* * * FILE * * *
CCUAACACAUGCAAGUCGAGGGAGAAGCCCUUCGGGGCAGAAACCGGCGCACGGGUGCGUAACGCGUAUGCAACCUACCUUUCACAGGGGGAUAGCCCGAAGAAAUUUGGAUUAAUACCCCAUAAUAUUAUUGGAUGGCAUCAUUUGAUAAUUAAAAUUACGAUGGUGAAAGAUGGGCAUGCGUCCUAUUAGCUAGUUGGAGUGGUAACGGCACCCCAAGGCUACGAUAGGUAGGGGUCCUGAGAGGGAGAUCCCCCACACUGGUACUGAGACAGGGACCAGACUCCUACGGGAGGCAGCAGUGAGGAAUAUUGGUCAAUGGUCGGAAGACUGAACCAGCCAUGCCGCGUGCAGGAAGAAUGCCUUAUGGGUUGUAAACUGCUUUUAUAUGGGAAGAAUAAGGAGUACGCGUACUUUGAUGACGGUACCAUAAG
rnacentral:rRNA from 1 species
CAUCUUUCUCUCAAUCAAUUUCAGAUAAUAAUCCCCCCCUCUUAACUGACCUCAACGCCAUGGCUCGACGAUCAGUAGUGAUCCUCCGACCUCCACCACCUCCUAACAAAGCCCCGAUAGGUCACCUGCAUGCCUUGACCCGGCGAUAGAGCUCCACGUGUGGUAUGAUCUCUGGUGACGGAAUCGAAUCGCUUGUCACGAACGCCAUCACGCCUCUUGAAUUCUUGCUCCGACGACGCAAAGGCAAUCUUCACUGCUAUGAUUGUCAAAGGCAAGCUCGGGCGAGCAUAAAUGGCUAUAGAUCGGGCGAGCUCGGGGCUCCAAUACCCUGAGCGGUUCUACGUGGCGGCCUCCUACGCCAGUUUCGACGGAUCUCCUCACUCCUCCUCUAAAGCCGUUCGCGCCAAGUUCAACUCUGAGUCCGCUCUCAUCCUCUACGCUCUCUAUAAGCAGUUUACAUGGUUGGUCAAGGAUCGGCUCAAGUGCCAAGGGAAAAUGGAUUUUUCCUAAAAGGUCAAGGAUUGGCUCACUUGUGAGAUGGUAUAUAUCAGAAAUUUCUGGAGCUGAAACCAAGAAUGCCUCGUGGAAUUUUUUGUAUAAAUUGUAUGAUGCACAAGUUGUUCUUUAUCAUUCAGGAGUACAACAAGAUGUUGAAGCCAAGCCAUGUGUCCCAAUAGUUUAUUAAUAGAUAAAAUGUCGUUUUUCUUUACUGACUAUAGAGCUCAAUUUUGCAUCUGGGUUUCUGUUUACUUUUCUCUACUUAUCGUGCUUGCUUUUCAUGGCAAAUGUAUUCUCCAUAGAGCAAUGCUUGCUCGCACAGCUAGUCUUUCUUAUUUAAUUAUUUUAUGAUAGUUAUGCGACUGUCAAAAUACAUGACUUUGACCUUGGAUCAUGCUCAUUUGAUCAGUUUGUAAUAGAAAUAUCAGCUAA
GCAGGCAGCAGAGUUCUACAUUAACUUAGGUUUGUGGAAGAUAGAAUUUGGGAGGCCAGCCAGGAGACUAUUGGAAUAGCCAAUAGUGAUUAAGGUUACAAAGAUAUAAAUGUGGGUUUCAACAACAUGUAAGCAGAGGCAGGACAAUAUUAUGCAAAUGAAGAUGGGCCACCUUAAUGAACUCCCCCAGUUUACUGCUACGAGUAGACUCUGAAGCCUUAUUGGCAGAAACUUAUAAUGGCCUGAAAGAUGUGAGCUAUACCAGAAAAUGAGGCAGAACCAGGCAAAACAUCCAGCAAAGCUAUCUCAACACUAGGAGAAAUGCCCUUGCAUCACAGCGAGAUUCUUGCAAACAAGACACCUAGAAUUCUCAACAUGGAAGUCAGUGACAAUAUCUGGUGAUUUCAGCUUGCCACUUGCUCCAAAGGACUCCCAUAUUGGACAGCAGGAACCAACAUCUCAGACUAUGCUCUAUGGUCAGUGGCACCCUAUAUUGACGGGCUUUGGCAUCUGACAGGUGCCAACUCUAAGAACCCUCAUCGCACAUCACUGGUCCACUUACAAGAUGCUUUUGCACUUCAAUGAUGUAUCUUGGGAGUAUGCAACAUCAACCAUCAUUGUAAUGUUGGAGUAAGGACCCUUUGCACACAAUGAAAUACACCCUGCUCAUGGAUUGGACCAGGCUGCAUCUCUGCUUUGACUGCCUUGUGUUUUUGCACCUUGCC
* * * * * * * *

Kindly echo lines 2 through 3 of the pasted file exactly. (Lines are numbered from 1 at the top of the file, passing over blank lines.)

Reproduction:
rnacentral:rRNA from 1 species
CAUCUUUCUCUCAAUCAAUUUCAGAUAAUAAUCCCCCCCUCUUAACUGACCUCAACGCCAUGGCUCGACGAUCAGUAGUGAUCCUCCGACCUCCACCACCUCCUAACAAAGCCCCGAUAGGUCACCUGCAUGCCUUGACCCGGCGAUAGAGCUCCACGUGUGGUAUGAUCUCUGGUGACGGAAUCGAAUCGCUUGUCACGAACGCCAUCACGCCUCUUGAAUUCUUGCUCCGACGACGCAAAGGCAAUCUUCACUGCUAUGAUUGUCAAAGGCAAGCUCGGGCGAGCAUAAAUGGCUAUAGAUCGGGCGAGCUCGGGGCUCCAAUACCCUGAGCGGUUCUACGUGGCGGCCUCCUACGCCAGUUUCGACGGAUCUCCUCACUCCUCCUCUAAAGCCGUUCGCGCCAAGUUCAACUCUGAGUCCGCUCUCAUCCUCUACGCUCUCUAUAAGCAGUUUACAUGGUUGGUCAAGGAUCGGCUCAAGUGCCAAGGGAAAAUGGAUUUUUCCUAAAAGGUCAAGGAUUGGCUCACUUGUGAGAUGGUAUAUAUCAGAAAUUUCUGGAGCUGAAACCAAGAAUGCCUCGUGGAAUUUUUUGUAUAAAUUGUAUGAUGCACAAGUUGUUCUUUAUCAUUCAGGAGUACAACAAGAUGUUGAAGCCAAGCCAUGUGUCCCAAUAGUUUAUUAAUAGAUAAAAUGUCGUUUUUCUUUACUGACUAUAGAGCUCAAUUUUGCAUCUGGGUUUCUGUUUACUUUUCUCUACUUAUCGUGCUUGCUUUUCAUGGCAAAUGUAUUCUCCAUAGAGCAAUGCUUGCUCGCACAGCUAGUCUUUCUUAUUUAAUUAUUUUAUGAUAGUUAUGCGACUGUCAAAAUACAUGACUUUGACCUUGGAUCAUGCUCAUUUGAUCAGUUUGUAAUAGAAAUAUCAGCUAA